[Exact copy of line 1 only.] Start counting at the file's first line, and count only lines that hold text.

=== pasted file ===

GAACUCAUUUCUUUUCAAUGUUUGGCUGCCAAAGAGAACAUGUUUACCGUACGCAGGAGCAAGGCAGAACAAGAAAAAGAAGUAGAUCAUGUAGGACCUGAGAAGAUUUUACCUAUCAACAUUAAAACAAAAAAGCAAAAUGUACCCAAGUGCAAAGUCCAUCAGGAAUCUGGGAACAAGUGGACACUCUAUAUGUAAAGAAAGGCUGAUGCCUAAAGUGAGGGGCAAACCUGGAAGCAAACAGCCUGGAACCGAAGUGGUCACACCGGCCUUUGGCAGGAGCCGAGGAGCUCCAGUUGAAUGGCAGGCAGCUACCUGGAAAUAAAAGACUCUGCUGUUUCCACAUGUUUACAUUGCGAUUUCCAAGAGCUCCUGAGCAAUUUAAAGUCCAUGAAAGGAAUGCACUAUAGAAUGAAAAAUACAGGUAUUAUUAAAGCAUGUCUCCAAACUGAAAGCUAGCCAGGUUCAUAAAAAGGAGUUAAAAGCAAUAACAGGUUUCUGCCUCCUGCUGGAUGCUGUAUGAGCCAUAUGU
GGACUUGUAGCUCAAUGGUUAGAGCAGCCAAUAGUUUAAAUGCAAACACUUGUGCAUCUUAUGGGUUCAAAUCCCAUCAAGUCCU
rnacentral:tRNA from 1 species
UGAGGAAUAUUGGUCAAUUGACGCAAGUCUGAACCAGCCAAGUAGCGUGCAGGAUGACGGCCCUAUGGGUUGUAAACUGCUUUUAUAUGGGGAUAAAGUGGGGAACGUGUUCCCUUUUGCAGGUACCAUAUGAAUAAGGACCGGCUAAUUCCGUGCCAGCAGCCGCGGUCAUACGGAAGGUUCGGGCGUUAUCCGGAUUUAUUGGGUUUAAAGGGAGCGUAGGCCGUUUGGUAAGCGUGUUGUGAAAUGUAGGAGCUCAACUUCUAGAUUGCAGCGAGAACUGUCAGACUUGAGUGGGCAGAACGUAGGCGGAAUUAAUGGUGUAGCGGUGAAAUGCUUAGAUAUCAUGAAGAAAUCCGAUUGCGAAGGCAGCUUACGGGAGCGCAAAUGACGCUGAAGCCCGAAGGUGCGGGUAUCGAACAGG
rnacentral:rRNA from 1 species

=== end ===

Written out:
GAACUCAUUUCUUUUCAAUGUUUGGCUGCCAAAGAGAACAUGUUUACCGUACGCAGGAGCAAGGCAGAACAAGAAAAAGAAGUAGAUCAUGUAGGACCUGAGAAGAUUUUACCUAUCAACAUUAAAACAAAAAAGCAAAAUGUACCCAAGUGCAAAGUCCAUCAGGAAUCUGGGAACAAGUGGACACUCUAUAUGUAAAGAAAGGCUGAUGCCUAAAGUGAGGGGCAAACCUGGAAGCAAACAGCCUGGAACCGAAGUGGUCACACCGGCCUUUGGCAGGAGCCGAGGAGCUCCAGUUGAAUGGCAGGCAGCUACCUGGAAAUAAAAGACUCUGCUGUUUCCACAUGUUUACAUUGCGAUUUCCAAGAGCUCCUGAGCAAUUUAAAGUCCAUGAAAGGAAUGCACUAUAGAAUGAAAAAUACAGGUAUUAUUAAAGCAUGUCUCCAAACUGAAAGCUAGCCAGGUUCAUAAAAAGGAGUUAAAAGCAAUAACAGGUUUCUGCCUCCUGCUGGAUGCUGUAUGAGCCAUAUGU